- Hans Weber
- December 9, 2022
Beer will drastically get more expensive
Czechs must prepare for another sharp increase in the price of beer. According to the president of ČMSMP, Michal Voldřich, the higher costs of energy and raw materials needed to produce beer, such as malt and hops, will be reflected in the price for consumers.
“The expectation that prices will rise by 10 percent by June is confirmed,” Voldřich said.
Most breweries have already increased prices during the spring, with a pint of pilsner typically selling for around CZK 50 and even the cheapest beers in microbreweries exceeding that price.
Further price increases can be expected at the end of the summer when many breweries will have to accept less favorable tariffs when their contracts with energy suppliers expire and, at the same time, start brewing beer from this year’s harvest.
These will also be considerably more expensive as farmers’ input costs have risen.
One of the essential items, alongside energy and fuel, is fertilizer. Therefore, farmers have fertilized less this year, according to the ČMSMP chief.
In addition, if the current drought persisted, the harvest of malting barley and hops would be significantly smaller, which would also be reflected in prices. Overall, the harvest could be up to a third lower than last year.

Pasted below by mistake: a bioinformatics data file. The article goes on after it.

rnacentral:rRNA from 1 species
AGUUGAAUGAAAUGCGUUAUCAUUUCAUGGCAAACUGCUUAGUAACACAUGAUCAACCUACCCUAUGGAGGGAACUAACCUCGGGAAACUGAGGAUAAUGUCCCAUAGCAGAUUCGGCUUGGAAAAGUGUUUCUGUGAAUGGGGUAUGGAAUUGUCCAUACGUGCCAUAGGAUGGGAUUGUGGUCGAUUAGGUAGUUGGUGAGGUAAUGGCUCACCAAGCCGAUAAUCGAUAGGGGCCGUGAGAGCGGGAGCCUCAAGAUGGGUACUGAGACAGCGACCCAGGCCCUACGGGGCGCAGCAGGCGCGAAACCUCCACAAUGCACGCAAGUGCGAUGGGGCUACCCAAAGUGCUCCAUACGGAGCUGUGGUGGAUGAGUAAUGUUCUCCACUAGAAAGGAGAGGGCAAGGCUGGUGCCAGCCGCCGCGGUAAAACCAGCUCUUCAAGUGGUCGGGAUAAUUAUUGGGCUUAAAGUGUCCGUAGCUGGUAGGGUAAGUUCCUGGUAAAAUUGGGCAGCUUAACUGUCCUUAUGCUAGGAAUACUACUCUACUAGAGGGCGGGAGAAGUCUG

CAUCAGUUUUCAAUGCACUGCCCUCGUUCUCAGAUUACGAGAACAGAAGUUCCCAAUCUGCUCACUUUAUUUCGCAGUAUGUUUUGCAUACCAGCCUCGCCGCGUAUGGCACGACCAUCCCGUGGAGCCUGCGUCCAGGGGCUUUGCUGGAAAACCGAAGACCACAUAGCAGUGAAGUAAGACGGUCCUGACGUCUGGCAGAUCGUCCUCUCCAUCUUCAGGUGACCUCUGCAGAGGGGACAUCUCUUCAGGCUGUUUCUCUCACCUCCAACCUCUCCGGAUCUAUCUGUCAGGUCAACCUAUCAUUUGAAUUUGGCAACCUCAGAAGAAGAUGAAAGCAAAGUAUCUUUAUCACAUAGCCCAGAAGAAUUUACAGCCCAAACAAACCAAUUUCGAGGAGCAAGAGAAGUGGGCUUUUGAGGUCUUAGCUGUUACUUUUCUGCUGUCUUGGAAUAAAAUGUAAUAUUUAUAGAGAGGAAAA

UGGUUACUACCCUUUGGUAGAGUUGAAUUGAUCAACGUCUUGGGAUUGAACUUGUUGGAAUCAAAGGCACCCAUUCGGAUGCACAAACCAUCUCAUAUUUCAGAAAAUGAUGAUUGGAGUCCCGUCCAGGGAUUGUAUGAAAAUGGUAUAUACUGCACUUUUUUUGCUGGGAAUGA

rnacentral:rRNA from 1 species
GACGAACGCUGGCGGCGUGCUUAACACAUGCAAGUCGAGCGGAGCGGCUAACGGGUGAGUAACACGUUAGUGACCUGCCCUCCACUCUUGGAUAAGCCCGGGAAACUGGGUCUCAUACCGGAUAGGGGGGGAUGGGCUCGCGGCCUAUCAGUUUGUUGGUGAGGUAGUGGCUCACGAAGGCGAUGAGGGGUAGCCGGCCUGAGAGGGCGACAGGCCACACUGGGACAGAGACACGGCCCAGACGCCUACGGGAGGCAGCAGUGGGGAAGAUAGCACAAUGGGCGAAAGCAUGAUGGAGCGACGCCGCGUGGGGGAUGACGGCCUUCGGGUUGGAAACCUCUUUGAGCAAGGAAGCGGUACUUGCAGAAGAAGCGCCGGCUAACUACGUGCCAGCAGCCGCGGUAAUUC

The Czech-Moravian Association of Microbreweries does not want to estimate how much the price of beer for the final consumer could increase. “For example, the price of malt could rise by up to twice as much, from which the price of beer can be inferred to some extent,” Voldřich said.
Neither the large breweries nor the Czech Association of Breweries and Maltsters, which brings them together, comment on the expected beer prices nor reveal their business strategy. Unofficially, however, even their representatives admit that the assumptions of the ČMSMP are realistic.
The impact of the coronavirus pandemic also hit small brewers before the energy crisis. Some thirty out of five hundred enterprises closed down during the crisis.
The head of the microbrewery association expects that other microbreweries are yet to be affected by the effects of the pandemic.